Maasai Dancing and Body Shaking

The Maasai are a beautiful, elegant people. But when the warriors in Camp Comfort (a safari camp run by Maasai warriors) put on a dance for us, their leader saw disappointment at the performance in my wife's face. He quickly explained that he used to be able to jump higher until the western diet they had succumbed to in looking after white visitors had taken down his natural ability. It was not, however, the lack of height in his jumping that disappointed us. I suppose we had expected that such an elegant people would put on a musical, elegant, aesthetic show, (comparable to our Irish River Dance - see below) rather than just five or six energetic jumps into the air.

But the Maasai dance influenced my fitness programme!

It is not the high jumping I emulate. Before the jumping starts, they stand around in a half-circle and work up a bit of a rhythm, bending their knees while keeping both feet on the ground. Then a solo dancer, or a small group of dancers, steps forward and starts bouncing - one to five or six bounces - before retiring back to the circle again. This preliminary rhythmic bending of the knees is an excellent and easily-emulated exercise, that can be taken up at any time of the day (e.g., to get the blood flowing first thing in the morning, or while waiting for the kettle to boil for your cup of green tea).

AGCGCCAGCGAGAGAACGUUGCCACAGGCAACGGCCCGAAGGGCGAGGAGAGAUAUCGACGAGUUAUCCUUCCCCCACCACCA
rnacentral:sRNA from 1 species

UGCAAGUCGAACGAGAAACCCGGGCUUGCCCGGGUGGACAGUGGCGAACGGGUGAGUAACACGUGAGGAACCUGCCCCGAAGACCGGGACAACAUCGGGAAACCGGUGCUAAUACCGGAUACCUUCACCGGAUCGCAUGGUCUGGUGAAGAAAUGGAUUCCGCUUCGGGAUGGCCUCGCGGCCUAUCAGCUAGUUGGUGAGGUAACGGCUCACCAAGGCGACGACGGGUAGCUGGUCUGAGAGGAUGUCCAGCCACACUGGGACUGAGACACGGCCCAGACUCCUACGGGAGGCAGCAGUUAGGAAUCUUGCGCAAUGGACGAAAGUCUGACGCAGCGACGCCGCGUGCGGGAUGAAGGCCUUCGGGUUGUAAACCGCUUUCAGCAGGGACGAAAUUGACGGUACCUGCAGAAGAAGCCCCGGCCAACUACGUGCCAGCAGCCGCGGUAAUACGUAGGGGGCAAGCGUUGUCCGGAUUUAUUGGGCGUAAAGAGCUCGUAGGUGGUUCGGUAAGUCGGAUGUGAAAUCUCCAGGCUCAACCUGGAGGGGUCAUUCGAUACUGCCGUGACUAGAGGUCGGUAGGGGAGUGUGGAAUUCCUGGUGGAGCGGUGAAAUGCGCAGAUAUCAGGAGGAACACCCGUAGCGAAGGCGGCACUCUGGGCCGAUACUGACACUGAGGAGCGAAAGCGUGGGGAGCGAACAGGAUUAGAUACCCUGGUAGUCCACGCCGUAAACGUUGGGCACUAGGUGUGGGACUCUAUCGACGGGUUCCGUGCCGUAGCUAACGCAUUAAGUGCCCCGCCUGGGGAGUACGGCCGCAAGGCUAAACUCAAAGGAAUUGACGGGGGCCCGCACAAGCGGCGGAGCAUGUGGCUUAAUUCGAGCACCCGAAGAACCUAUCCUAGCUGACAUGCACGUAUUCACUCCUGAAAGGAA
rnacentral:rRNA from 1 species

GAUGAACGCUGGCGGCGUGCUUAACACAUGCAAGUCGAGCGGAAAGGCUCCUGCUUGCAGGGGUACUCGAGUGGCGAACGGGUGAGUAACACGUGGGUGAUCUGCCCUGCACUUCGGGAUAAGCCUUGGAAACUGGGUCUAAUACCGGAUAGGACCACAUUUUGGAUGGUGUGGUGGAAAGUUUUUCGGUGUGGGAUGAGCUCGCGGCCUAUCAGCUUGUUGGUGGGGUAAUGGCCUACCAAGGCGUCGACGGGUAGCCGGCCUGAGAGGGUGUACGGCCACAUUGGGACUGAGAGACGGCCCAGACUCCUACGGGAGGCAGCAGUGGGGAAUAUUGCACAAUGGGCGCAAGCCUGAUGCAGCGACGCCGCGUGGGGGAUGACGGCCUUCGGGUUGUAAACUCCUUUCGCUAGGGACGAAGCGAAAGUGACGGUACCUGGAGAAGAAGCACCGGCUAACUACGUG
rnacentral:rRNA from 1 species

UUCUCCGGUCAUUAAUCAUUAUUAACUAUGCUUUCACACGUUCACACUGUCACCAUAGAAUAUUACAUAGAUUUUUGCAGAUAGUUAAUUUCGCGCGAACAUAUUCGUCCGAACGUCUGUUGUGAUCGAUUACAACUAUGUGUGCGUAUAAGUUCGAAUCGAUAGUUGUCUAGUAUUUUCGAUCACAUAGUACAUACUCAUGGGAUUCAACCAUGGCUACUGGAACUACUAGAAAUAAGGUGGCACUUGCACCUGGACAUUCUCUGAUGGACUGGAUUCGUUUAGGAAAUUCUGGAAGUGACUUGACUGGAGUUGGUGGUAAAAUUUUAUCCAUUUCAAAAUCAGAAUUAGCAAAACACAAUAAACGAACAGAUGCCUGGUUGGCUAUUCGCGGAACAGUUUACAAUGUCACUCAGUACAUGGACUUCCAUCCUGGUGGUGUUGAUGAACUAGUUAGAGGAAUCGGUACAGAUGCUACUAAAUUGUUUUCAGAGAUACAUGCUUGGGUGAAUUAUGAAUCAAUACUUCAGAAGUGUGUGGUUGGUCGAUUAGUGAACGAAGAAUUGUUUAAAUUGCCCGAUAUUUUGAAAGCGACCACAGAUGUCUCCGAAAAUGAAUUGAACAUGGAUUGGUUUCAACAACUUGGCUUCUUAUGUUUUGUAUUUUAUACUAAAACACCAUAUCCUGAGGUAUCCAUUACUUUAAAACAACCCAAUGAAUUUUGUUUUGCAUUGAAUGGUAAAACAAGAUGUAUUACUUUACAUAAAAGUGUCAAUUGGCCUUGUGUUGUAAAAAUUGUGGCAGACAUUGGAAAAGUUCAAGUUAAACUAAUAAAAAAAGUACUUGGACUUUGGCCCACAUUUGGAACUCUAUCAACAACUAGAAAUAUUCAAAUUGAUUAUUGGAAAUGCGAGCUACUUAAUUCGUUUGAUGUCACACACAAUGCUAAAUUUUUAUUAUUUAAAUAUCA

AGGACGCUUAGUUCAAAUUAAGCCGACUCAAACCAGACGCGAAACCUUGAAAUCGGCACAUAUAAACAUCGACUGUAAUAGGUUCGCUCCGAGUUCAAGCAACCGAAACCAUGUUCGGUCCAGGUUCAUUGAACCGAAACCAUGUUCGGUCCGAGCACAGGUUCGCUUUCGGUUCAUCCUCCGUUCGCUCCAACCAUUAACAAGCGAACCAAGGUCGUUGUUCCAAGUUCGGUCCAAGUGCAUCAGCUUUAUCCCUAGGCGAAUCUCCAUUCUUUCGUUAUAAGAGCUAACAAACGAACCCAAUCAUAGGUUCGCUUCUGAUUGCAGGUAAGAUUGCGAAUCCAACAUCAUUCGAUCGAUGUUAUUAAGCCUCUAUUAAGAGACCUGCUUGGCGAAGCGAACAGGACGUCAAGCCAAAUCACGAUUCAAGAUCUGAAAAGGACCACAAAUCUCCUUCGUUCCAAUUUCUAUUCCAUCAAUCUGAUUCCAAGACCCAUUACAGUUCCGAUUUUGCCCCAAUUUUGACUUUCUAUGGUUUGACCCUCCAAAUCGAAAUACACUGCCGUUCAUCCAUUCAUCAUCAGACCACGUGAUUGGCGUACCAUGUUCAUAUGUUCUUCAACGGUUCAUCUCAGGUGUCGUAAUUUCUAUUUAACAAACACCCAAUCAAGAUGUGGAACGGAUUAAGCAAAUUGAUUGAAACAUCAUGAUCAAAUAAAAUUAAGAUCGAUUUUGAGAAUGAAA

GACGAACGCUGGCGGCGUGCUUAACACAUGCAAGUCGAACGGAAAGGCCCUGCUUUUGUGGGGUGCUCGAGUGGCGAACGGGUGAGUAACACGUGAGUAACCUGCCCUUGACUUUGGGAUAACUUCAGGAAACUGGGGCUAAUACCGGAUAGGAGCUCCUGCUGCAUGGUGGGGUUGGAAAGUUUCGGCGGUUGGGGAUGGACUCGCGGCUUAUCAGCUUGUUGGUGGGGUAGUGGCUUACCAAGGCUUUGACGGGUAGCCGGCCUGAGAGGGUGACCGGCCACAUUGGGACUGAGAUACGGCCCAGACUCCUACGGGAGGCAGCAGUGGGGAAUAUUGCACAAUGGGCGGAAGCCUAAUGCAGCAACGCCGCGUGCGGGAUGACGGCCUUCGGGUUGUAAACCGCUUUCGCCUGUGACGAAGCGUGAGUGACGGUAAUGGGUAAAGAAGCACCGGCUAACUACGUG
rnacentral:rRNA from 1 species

Watch the video. It shows that they spend a lot of time standing around bending the knees rhythmically and only a little while jumping. An easy exercise and quite beneficial!

We can take it a bit further. By speeding up the rate at which we bend the knees (but lessening the extent of the bend) we can start the whole body shaking, which massages the internal organs while exercising the muscles.


As well as emulating the knee-bending of the Maasai Dance, I try to emulate the Maasai posture by wearing Maasai Barefoot Technology (MBT) shoes (a Swiss invention):

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